Impact of the SB833 Legislation in California on the Elderly

By , 9:00 am on

SB833 was implemented on January 1st, 2017, and this piece of legislation is one of the biggest changes to the Medi-Cal Recovery program since the Spousal Impoverishment Rules of 1990. The new law could have a major impact on a large percentage of Californians for several generations to come. This is why seniors should familiarize themselves with this new legislation and how it will affect their finances and overall wellbeing.

Seniors can face a variety of challenges as they age, many of which can be mitigated with the help of professional in-home caregivers who provide high-quality elder home care. Folsom families trust in Home Care Assistance to help their elderly loved ones age in place safely and comfortably.

Here is what you need to know about the SB833 legislation in California.

Understanding the Medi-Cal Recovery Program

The California Department of Health Care Services currently runs a program called Medi-Cal Recovery, which is also known as the estate recovery program. After a Medi-Cal beneficiary passes away, the state can reimburse itself for any benefits that were offered to the individual. This often devastates the beneficiary’s family because they rely on the deceased person’s assets to pay for the funeral and other final expenses. When this program was first established, even an impoverished surviving spouse could have assets seized if his or her loved one had enrolled in Medi-Cal. Recent legislation has changed how Medi-Cal Recovery works and which assets can be seized.

The Establishment of SB833

This legislation aims to offer more protection to surviving family members. One of the biggest changes to the estate recovery program is they can no longer seize assets from a surviving spouse. The recovery program is limited to probate estates, which means assets can’t be taken from living trusts. SB833 has also limited the amount of interest liens can accrue and created waivers for smaller homesteads. As a general rule, a family will receive most of their loved one’s assets after he or she pass away.

As a caregiver, you should plan your loved one’s estate and consult your lawyer to understand SB833 better. At the same time, you should also consider hiring a professional live-in caregiver if your senior loved one has a long-term disability and you have urgent matters to tend to. If your senior loved one needs hourly or live-in care, Folsom Home Care Assistance can help. Our caregivers can assist with exercise and mobility, prepare nutritious meals, provide timely medication reminders, and help with a wide array of other important daily tasks.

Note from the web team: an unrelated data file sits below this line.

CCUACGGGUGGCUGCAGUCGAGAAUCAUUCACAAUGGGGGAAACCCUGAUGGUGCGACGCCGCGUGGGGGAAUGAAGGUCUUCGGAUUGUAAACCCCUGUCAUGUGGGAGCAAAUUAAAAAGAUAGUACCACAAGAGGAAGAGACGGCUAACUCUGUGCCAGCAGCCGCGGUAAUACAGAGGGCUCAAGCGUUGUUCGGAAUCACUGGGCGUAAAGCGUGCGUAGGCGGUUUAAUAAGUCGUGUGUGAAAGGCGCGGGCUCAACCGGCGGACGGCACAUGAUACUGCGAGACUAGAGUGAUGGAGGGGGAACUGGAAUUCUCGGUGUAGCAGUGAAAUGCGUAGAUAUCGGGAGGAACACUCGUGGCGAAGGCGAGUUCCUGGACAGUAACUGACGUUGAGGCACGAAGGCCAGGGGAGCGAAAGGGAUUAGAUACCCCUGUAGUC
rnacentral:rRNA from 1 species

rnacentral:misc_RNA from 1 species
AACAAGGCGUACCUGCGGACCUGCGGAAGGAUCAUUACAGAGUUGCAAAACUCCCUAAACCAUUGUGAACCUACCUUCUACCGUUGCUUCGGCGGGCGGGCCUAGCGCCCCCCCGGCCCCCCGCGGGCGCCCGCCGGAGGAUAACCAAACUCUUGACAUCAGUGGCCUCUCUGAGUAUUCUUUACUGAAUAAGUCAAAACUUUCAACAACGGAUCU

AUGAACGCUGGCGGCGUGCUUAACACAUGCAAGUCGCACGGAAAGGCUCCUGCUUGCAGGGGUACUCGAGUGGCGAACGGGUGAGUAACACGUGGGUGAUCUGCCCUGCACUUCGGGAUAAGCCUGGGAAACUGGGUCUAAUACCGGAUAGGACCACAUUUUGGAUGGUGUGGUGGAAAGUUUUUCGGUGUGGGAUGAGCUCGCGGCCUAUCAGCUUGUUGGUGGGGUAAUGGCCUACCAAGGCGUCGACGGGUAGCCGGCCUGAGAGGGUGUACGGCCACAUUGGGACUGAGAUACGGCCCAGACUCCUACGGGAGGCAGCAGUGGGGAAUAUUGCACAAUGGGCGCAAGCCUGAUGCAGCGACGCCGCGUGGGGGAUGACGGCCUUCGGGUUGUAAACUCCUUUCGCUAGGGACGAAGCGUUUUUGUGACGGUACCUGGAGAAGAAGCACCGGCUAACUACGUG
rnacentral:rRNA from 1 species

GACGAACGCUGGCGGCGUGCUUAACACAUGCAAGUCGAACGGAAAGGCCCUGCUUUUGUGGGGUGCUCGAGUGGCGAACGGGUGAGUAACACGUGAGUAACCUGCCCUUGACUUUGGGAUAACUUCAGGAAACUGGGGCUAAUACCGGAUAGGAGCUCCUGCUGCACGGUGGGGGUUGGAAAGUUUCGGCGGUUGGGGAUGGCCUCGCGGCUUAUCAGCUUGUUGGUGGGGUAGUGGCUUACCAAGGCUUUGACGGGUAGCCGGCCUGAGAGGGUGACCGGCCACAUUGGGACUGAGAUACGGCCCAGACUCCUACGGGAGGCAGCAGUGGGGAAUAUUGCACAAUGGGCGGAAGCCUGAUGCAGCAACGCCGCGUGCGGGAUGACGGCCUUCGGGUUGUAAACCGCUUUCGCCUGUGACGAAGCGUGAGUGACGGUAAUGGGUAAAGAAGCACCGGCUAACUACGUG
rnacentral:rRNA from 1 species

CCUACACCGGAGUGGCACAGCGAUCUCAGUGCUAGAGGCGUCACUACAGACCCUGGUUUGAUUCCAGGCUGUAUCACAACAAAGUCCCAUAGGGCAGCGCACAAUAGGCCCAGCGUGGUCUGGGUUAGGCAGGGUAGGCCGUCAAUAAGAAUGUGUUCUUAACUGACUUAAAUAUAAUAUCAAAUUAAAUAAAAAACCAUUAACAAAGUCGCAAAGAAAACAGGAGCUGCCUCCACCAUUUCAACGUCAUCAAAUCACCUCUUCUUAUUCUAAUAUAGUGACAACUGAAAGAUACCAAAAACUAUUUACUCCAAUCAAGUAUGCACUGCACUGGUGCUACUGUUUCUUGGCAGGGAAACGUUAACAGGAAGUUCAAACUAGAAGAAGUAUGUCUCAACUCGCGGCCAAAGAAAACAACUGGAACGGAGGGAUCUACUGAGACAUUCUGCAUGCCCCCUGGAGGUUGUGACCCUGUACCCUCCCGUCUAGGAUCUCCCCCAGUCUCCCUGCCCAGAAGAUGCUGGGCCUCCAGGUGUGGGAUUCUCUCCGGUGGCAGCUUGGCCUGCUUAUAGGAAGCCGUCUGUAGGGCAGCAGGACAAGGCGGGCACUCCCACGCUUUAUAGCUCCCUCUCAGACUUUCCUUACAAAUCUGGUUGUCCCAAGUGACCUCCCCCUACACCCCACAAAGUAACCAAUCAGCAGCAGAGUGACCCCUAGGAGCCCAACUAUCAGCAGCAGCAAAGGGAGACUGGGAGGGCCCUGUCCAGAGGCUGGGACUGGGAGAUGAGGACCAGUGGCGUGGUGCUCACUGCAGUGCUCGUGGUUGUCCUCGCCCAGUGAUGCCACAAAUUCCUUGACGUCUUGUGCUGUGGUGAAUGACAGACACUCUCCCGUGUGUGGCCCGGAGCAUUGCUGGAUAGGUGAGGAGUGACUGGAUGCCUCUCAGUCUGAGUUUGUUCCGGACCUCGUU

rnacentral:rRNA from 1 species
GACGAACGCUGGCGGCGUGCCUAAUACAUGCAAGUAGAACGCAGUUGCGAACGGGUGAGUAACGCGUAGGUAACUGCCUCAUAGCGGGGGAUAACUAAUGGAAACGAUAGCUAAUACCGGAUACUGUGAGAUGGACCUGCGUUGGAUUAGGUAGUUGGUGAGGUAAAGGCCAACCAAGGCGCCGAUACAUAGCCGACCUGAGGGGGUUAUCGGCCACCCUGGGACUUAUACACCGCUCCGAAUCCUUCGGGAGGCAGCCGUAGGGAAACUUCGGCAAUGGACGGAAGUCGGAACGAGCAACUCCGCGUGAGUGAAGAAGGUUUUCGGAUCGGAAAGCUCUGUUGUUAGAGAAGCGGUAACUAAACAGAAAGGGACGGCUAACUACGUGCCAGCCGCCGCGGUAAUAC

A Look at Probate

Even though many of these new provisions offer much more protection, a lien can still be placed on a senior’s assets if he or she was a beneficiary of Medi-Cal after the age of 55 and the estate goes into probate after he or she passes away. When an estate is placed in probate, the courts will go over all pertinent documents to determine who the beneficiaries should be. During probate, the courts still have the ability to place a lien on the assets to pay back the state for the financial assistance provided by Medi-Cal.

What Should Seniors Do Next?

This new legislation gives seniors one more reason to contact an attorney to help them plan their estate. With the proper documentation, there is a much smaller chance a senior’s estate will go into probate after he or she passes away. Seniors should also be wary of moving out of the state if they have accepted any assistance from Medi-Cal after the age of 55. Every state has its own regulations regarding estate recovery, and moving could invalidate a senior’s protections. Establishing a living trust is generally seen as the safest way to protect assets and ensure they get into the right hands.

Caring for a senior loved one can be rewarding, but it can also be overwhelming for family caregivers who have other responsibilities they need to focus on. For these families, the perfect solution is respite care. Folsom families rely on our caregivers whenever they need time to rest, work, run errands, and even go on vacation. If you need a break from your caregiving duties to plan your loved one’s estate or for other reasons, call Home Care Assistance at 916.226.3737 today.